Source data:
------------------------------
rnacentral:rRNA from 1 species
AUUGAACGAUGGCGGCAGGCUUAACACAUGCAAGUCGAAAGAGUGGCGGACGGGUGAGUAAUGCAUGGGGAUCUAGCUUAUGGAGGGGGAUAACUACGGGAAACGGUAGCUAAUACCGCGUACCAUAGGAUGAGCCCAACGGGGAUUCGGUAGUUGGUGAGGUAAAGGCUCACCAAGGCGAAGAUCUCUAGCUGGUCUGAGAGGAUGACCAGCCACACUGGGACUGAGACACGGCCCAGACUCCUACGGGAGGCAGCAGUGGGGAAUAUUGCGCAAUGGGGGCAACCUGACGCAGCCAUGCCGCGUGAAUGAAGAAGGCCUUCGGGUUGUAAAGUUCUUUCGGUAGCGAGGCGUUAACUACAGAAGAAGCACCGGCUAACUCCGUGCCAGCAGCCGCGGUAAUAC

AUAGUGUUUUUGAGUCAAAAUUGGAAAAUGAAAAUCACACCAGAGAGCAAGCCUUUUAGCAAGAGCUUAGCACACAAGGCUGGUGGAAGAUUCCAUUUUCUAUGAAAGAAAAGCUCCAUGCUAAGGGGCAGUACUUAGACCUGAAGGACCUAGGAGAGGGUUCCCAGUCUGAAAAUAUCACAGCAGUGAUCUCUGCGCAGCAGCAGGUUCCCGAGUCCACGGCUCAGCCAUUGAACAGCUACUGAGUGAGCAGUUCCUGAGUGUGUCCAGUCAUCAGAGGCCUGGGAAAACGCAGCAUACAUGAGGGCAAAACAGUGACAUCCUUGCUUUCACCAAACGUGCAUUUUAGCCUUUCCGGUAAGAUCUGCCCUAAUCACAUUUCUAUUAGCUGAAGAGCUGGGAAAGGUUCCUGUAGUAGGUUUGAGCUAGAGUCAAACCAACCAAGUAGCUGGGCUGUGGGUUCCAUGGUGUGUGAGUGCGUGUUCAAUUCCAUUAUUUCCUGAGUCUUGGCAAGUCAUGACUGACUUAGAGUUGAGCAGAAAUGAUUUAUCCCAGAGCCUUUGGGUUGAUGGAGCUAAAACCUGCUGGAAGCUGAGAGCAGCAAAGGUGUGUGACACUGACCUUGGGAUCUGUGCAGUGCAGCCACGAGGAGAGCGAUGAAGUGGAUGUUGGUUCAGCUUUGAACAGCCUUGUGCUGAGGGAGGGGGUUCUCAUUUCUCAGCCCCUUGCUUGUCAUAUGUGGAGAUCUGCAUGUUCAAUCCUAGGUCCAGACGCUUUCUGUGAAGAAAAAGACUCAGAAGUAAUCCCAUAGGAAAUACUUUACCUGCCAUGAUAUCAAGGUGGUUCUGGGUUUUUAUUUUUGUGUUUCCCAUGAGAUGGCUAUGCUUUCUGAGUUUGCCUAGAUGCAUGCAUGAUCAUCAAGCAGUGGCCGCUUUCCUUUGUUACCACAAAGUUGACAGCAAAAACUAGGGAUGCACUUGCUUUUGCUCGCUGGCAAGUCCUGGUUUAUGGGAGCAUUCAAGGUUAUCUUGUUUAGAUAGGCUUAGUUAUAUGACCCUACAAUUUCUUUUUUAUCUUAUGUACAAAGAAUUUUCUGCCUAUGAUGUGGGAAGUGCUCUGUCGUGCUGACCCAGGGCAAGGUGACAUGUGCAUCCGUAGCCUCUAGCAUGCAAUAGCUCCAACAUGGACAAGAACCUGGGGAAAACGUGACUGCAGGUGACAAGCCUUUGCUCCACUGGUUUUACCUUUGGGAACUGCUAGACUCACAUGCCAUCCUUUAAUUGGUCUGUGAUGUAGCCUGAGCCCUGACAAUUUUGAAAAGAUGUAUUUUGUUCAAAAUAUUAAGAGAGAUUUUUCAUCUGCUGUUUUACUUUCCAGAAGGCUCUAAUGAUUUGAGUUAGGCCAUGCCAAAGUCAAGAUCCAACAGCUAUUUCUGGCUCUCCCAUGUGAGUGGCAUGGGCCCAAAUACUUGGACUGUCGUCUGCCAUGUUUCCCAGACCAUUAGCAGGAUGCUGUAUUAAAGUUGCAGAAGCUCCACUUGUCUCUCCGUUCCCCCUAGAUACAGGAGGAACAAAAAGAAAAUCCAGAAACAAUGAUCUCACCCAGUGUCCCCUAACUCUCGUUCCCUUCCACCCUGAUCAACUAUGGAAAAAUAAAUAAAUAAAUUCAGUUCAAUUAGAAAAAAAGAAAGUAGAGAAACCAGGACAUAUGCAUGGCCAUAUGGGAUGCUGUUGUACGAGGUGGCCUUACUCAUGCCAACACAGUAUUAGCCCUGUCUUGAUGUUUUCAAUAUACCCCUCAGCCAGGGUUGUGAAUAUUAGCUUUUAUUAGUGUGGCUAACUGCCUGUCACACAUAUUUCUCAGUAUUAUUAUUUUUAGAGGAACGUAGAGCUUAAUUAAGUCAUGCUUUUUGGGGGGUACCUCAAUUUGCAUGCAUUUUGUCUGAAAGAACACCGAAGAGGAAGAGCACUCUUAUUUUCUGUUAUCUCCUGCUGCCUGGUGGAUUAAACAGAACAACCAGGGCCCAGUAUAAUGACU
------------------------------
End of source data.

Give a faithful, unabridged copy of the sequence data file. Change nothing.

rnacentral:rRNA from 1 species
AUUGAACGAUGGCGGCAGGCUUAACACAUGCAAGUCGAAAGAGUGGCGGACGGGUGAGUAAUGCAUGGGGAUCUAGCUUAUGGAGGGGGAUAACUACGGGAAACGGUAGCUAAUACCGCGUACCAUAGGAUGAGCCCAACGGGGAUUCGGUAGUUGGUGAGGUAAAGGCUCACCAAGGCGAAGAUCUCUAGCUGGUCUGAGAGGAUGACCAGCCACACUGGGACUGAGACACGGCCCAGACUCCUACGGGAGGCAGCAGUGGGGAAUAUUGCGCAAUGGGGGCAACCUGACGCAGCCAUGCCGCGUGAAUGAAGAAGGCCUUCGGGUUGUAAAGUUCUUUCGGUAGCGAGGCGUUAACUACAGAAGAAGCACCGGCUAACUCCGUGCCAGCAGCCGCGGUAAUAC

AUAGUGUUUUUGAGUCAAAAUUGGAAAAUGAAAAUCACACCAGAGAGCAAGCCUUUUAGCAAGAGCUUAGCACACAAGGCUGGUGGAAGAUUCCAUUUUCUAUGAAAGAAAAGCUCCAUGCUAAGGGGCAGUACUUAGACCUGAAGGACCUAGGAGAGGGUUCCCAGUCUGAAAAUAUCACAGCAGUGAUCUCUGCGCAGCAGCAGGUUCCCGAGUCCACGGCUCAGCCAUUGAACAGCUACUGAGUGAGCAGUUCCUGAGUGUGUCCAGUCAUCAGAGGCCUGGGAAAACGCAGCAUACAUGAGGGCAAAACAGUGACAUCCUUGCUUUCACCAAACGUGCAUUUUAGCCUUUCCGGUAAGAUCUGCCCUAAUCACAUUUCUAUUAGCUGAAGAGCUGGGAAAGGUUCCUGUAGUAGGUUUGAGCUAGAGUCAAACCAACCAAGUAGCUGGGCUGUGGGUUCCAUGGUGUGUGAGUGCGUGUUCAAUUCCAUUAUUUCCUGAGUCUUGGCAAGUCAUGACUGACUUAGAGUUGAGCAGAAAUGAUUUAUCCCAGAGCCUUUGGGUUGAUGGAGCUAAAACCUGCUGGAAGCUGAGAGCAGCAAAGGUGUGUGACACUGACCUUGGGAUCUGUGCAGUGCAGCCACGAGGAGAGCGAUGAAGUGGAUGUUGGUUCAGCUUUGAACAGCCUUGUGCUGAGGGAGGGGGUUCUCAUUUCUCAGCCCCUUGCUUGUCAUAUGUGGAGAUCUGCAUGUUCAAUCCUAGGUCCAGACGCUUUCUGUGAAGAAAAAGACUCAGAAGUAAUCCCAUAGGAAAUACUUUACCUGCCAUGAUAUCAAGGUGGUUCUGGGUUUUUAUUUUUGUGUUUCCCAUGAGAUGGCUAUGCUUUCUGAGUUUGCCUAGAUGCAUGCAUGAUCAUCAAGCAGUGGCCGCUUUCCUUUGUUACCACAAAGUUGACAGCAAAAACUAGGGAUGCACUUGCUUUUGCUCGCUGGCAAGUCCUGGUUUAUGGGAGCAUUCAAGGUUAUCUUGUUUAGAUAGGCUUAGUUAUAUGACCCUACAAUUUCUUUUUUAUCUUAUGUACAAAGAAUUUUCUGCCUAUGAUGUGGGAAGUGCUCUGUCGUGCUGACCCAGGGCAAGGUGACAUGUGCAUCCGUAGCCUCUAGCAUGCAAUAGCUCCAACAUGGACAAGAACCUGGGGAAAACGUGACUGCAGGUGACAAGCCUUUGCUCCACUGGUUUUACCUUUGGGAACUGCUAGACUCACAUGCCAUCCUUUAAUUGGUCUGUGAUGUAGCCUGAGCCCUGACAAUUUUGAAAAGAUGUAUUUUGUUCAAAAUAUUAAGAGAGAUUUUUCAUCUGCUGUUUUACUUUCCAGAAGGCUCUAAUGAUUUGAGUUAGGCCAUGCCAAAGUCAAGAUCCAACAGCUAUUUCUGGCUCUCCCAUGUGAGUGGCAUGGGCCCAAAUACUUGGACUGUCGUCUGCCAUGUUUCCCAGACCAUUAGCAGGAUGCUGUAUUAAAGUUGCAGAAGCUCCACUUGUCUCUCCGUUCCCCCUAGAUACAGGAGGAACAAAAAGAAAAUCCAGAAACAAUGAUCUCACCCAGUGUCCCCUAACUCUCGUUCCCUUCCACCCUGAUCAACUAUGGAAAAAUAAAUAAAUAAAUUCAGUUCAAUUAGAAAAAAAGAAAGUAGAGAAACCAGGACAUAUGCAUGGCCAUAUGGGAUGCUGUUGUACGAGGUGGCCUUACUCAUGCCAACACAGUAUUAGCCCUGUCUUGAUGUUUUCAAUAUACCCCUCAGCCAGGGUUGUGAAUAUUAGCUUUUAUUAGUGUGGCUAACUGCCUGUCACACAUAUUUCUCAGUAUUAUUAUUUUUAGAGGAACGUAGAGCUUAAUUAAGUCAUGCUUUUUGGGGGGUACCUCAAUUUGCAUGCAUUUUGUCUGAAAGAACACCGAAGAGGAAGAGCACUCUUAUUUUCUGUUAUCUCCUGCUGCCUGGUGGAUUAAACAGAACAACCAGGGCCCAGUAUAAUGACU